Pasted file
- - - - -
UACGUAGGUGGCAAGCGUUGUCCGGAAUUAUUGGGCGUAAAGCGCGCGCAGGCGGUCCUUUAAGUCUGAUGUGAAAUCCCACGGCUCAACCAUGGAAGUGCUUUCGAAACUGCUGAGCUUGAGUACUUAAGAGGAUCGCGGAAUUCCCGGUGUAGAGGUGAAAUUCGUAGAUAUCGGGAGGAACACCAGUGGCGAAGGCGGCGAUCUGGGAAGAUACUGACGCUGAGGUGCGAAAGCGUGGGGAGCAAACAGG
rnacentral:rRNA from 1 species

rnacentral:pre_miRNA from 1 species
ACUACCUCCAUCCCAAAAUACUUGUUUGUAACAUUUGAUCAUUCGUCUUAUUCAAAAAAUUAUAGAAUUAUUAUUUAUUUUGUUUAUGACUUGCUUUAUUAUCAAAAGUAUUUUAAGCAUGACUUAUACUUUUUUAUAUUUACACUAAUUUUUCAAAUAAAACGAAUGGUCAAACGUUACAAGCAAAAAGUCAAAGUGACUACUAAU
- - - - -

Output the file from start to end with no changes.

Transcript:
UACGUAGGUGGCAAGCGUUGUCCGGAAUUAUUGGGCGUAAAGCGCGCGCAGGCGGUCCUUUAAGUCUGAUGUGAAAUCCCACGGCUCAACCAUGGAAGUGCUUUCGAAACUGCUGAGCUUGAGUACUUAAGAGGAUCGCGGAAUUCCCGGUGUAGAGGUGAAAUUCGUAGAUAUCGGGAGGAACACCAGUGGCGAAGGCGGCGAUCUGGGAAGAUACUGACGCUGAGGUGCGAAAGCGUGGGGAGCAAACAGG
rnacentral:rRNA from 1 species

rnacentral:pre_miRNA from 1 species
ACUACCUCCAUCCCAAAAUACUUGUUUGUAACAUUUGAUCAUUCGUCUUAUUCAAAAAAUUAUAGAAUUAUUAUUUAUUUUGUUUAUGACUUGCUUUAUUAUCAAAAGUAUUUUAAGCAUGACUUAUACUUUUUUAUAUUUACACUAAUUUUUCAAAUAAAACGAAUGGUCAAACGUUACAAGCAAAAAGUCAAAGUGACUACUAAU